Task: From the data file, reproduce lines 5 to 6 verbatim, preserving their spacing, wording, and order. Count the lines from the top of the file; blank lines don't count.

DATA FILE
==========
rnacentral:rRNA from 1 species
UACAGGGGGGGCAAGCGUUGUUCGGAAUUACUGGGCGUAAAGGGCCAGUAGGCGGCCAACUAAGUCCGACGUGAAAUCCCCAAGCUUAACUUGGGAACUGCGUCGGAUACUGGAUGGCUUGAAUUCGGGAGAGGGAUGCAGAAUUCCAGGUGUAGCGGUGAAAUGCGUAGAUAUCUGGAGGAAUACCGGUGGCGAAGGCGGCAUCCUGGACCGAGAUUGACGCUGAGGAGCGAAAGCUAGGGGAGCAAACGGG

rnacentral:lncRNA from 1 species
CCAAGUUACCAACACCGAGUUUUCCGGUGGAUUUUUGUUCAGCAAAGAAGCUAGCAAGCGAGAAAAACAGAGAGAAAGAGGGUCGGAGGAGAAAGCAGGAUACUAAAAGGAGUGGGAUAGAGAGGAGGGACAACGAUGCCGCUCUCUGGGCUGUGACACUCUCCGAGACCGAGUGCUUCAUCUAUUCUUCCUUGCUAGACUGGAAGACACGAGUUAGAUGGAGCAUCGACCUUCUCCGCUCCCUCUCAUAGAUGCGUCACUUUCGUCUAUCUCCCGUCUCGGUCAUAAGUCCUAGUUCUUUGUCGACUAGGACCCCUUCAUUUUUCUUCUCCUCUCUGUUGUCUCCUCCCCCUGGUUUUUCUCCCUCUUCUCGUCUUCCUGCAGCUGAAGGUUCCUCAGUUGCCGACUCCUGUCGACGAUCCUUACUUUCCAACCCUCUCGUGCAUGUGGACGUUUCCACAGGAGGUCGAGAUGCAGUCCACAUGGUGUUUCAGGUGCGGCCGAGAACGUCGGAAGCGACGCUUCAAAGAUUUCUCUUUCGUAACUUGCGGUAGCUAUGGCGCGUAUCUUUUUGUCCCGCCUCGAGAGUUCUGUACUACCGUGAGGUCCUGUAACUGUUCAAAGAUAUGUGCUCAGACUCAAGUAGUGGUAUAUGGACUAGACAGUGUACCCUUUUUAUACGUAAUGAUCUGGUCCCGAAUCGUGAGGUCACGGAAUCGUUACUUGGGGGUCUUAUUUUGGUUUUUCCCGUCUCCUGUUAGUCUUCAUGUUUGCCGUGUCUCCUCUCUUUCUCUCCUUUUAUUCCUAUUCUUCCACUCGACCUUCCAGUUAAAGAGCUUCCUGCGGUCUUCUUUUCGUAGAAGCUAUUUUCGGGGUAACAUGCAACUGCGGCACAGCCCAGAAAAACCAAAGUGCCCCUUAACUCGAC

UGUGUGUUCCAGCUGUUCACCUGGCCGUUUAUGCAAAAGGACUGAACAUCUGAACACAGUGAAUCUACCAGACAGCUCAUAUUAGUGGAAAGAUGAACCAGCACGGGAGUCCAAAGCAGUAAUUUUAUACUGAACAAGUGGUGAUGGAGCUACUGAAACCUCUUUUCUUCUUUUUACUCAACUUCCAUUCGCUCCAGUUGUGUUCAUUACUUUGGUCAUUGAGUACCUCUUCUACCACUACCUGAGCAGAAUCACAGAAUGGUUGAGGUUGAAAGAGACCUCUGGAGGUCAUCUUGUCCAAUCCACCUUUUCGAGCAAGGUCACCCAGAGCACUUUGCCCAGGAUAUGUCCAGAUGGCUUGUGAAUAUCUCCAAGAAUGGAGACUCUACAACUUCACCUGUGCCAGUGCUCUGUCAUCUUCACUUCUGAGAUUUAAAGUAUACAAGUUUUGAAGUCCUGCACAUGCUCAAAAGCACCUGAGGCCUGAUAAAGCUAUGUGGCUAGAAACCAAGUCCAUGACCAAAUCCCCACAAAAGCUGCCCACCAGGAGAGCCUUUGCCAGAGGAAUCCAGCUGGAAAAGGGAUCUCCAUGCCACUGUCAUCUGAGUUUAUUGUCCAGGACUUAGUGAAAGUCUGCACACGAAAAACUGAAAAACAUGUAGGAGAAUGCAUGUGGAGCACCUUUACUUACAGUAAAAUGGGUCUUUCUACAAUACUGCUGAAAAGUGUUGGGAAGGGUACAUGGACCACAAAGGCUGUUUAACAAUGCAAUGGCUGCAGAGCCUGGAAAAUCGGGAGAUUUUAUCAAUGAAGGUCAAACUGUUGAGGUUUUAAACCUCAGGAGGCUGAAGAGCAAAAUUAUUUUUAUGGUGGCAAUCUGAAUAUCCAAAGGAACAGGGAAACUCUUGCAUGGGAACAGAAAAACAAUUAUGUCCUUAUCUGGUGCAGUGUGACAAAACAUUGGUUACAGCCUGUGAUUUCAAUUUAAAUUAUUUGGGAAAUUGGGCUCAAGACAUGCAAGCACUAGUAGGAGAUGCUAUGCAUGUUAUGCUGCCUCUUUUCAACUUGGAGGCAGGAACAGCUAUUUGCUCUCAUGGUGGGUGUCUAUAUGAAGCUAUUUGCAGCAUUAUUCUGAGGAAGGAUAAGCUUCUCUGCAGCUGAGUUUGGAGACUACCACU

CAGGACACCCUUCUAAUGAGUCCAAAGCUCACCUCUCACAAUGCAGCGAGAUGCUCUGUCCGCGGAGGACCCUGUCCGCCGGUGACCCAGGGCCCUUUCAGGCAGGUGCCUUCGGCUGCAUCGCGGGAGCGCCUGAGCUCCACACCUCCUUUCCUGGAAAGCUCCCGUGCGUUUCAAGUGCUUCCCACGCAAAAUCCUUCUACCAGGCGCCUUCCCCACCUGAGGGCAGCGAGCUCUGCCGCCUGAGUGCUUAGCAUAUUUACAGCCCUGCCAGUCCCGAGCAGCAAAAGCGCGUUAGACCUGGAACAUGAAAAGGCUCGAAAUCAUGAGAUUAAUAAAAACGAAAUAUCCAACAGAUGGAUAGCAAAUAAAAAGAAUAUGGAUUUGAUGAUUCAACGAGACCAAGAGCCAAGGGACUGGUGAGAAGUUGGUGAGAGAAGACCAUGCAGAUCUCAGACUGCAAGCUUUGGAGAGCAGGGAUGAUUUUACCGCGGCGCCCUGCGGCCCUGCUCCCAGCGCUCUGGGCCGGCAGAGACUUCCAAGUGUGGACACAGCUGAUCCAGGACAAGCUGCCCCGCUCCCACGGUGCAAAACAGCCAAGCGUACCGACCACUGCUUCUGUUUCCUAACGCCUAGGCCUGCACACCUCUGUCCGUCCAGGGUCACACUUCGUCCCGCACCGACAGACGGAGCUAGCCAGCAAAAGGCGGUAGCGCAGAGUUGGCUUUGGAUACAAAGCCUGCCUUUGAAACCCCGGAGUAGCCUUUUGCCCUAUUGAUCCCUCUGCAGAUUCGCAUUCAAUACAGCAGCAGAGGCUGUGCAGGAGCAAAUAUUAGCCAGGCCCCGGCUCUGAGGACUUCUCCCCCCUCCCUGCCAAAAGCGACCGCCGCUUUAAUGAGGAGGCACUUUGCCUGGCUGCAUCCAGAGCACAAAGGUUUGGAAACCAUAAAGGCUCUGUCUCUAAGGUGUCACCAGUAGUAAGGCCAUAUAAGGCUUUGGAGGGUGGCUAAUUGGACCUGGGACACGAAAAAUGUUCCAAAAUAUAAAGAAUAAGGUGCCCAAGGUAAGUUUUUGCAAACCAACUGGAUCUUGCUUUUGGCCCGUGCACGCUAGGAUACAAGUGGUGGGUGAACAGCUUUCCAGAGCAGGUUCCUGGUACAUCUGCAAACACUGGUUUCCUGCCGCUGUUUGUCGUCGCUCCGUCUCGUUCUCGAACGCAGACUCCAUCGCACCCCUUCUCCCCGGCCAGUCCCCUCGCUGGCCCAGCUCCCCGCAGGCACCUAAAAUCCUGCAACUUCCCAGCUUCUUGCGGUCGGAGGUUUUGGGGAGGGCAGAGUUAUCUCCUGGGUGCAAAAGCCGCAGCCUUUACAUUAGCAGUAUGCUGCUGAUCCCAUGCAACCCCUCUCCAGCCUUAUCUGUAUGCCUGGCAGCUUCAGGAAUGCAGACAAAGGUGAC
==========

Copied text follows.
UGUGUGUUCCAGCUGUUCACCUGGCCGUUUAUGCAAAAGGACUGAACAUCUGAACACAGUGAAUCUACCAGACAGCUCAUAUUAGUGGAAAGAUGAACCAGCACGGGAGUCCAAAGCAGUAAUUUUAUACUGAACAAGUGGUGAUGGAGCUACUGAAACCUCUUUUCUUCUUUUUACUCAACUUCCAUUCGCUCCAGUUGUGUUCAUUACUUUGGUCAUUGAGUACCUCUUCUACCACUACCUGAGCAGAAUCACAGAAUGGUUGAGGUUGAAAGAGACCUCUGGAGGUCAUCUUGUCCAAUCCACCUUUUCGAGCAAGGUCACCCAGAGCACUUUGCCCAGGAUAUGUCCAGAUGGCUUGUGAAUAUCUCCAAGAAUGGAGACUCUACAACUUCACCUGUGCCAGUGCUCUGUCAUCUUCACUUCUGAGAUUUAAAGUAUACAAGUUUUGAAGUCCUGCACAUGCUCAAAAGCACCUGAGGCCUGAUAAAGCUAUGUGGCUAGAAACCAAGUCCAUGACCAAAUCCCCACAAAAGCUGCCCACCAGGAGAGCCUUUGCCAGAGGAAUCCAGCUGGAAAAGGGAUCUCCAUGCCACUGUCAUCUGAGUUUAUUGUCCAGGACUUAGUGAAAGUCUGCACACGAAAAACUGAAAAACAUGUAGGAGAAUGCAUGUGGAGCACCUUUACUUACAGUAAAAUGGGUCUUUCUACAAUACUGCUGAAAAGUGUUGGGAAGGGUACAUGGACCACAAAGGCUGUUUAACAAUGCAAUGGCUGCAGAGCCUGGAAAAUCGGGAGAUUUUAUCAAUGAAGGUCAAACUGUUGAGGUUUUAAACCUCAGGAGGCUGAAGAGCAAAAUUAUUUUUAUGGUGGCAAUCUGAAUAUCCAAAGGAACAGGGAAACUCUUGCAUGGGAACAGAAAAACAAUUAUGUCCUUAUCUGGUGCAGUGUGACAAAACAUUGGUUACAGCCUGUGAUUUCAAUUUAAAUUAUUUGGGAAAUUGGGCUCAAGACAUGCAAGCACUAGUAGGAGAUGCUAUGCAUGUUAUGCUGCCUCUUUUCAACUUGGAGGCAGGAACAGCUAUUUGCUCUCAUGGUGGGUGUCUAUAUGAAGCUAUUUGCAGCAUUAUUCUGAGGAAGGAUAAGCUUCUCUGCAGCUGAGUUUGGAGACUACCACU

CAGGACACCCUUCUAAUGAGUCCAAAGCUCACCUCUCACAAUGCAGCGAGAUGCUCUGUCCGCGGAGGACCCUGUCCGCCGGUGACCCAGGGCCCUUUCAGGCAGGUGCCUUCGGCUGCAUCGCGGGAGCGCCUGAGCUCCACACCUCCUUUCCUGGAAAGCUCCCGUGCGUUUCAAGUGCUUCCCACGCAAAAUCCUUCUACCAGGCGCCUUCCCCACCUGAGGGCAGCGAGCUCUGCCGCCUGAGUGCUUAGCAUAUUUACAGCCCUGCCAGUCCCGAGCAGCAAAAGCGCGUUAGACCUGGAACAUGAAAAGGCUCGAAAUCAUGAGAUUAAUAAAAACGAAAUAUCCAACAGAUGGAUAGCAAAUAAAAAGAAUAUGGAUUUGAUGAUUCAACGAGACCAAGAGCCAAGGGACUGGUGAGAAGUUGGUGAGAGAAGACCAUGCAGAUCUCAGACUGCAAGCUUUGGAGAGCAGGGAUGAUUUUACCGCGGCGCCCUGCGGCCCUGCUCCCAGCGCUCUGGGCCGGCAGAGACUUCCAAGUGUGGACACAGCUGAUCCAGGACAAGCUGCCCCGCUCCCACGGUGCAAAACAGCCAAGCGUACCGACCACUGCUUCUGUUUCCUAACGCCUAGGCCUGCACACCUCUGUCCGUCCAGGGUCACACUUCGUCCCGCACCGACAGACGGAGCUAGCCAGCAAAAGGCGGUAGCGCAGAGUUGGCUUUGGAUACAAAGCCUGCCUUUGAAACCCCGGAGUAGCCUUUUGCCCUAUUGAUCCCUCUGCAGAUUCGCAUUCAAUACAGCAGCAGAGGCUGUGCAGGAGCAAAUAUUAGCCAGGCCCCGGCUCUGAGGACUUCUCCCCCCUCCCUGCCAAAAGCGACCGCCGCUUUAAUGAGGAGGCACUUUGCCUGGCUGCAUCCAGAGCACAAAGGUUUGGAAACCAUAAAGGCUCUGUCUCUAAGGUGUCACCAGUAGUAAGGCCAUAUAAGGCUUUGGAGGGUGGCUAAUUGGACCUGGGACACGAAAAAUGUUCCAAAAUAUAAAGAAUAAGGUGCCCAAGGUAAGUUUUUGCAAACCAACUGGAUCUUGCUUUUGGCCCGUGCACGCUAGGAUACAAGUGGUGGGUGAACAGCUUUCCAGAGCAGGUUCCUGGUACAUCUGCAAACACUGGUUUCCUGCCGCUGUUUGUCGUCGCUCCGUCUCGUUCUCGAACGCAGACUCCAUCGCACCCCUUCUCCCCGGCCAGUCCCCUCGCUGGCCCAGCUCCCCGCAGGCACCUAAAAUCCUGCAACUUCCCAGCUUCUUGCGGUCGGAGGUUUUGGGGAGGGCAGAGUUAUCUCCUGGGUGCAAAAGCCGCAGCCUUUACAUUAGCAGUAUGCUGCUGAUCCCAUGCAACCCCUCUCCAGCCUUAUCUGUAUGCCUGGCAGCUUCAGGAAUGCAGACAAAGGUGAC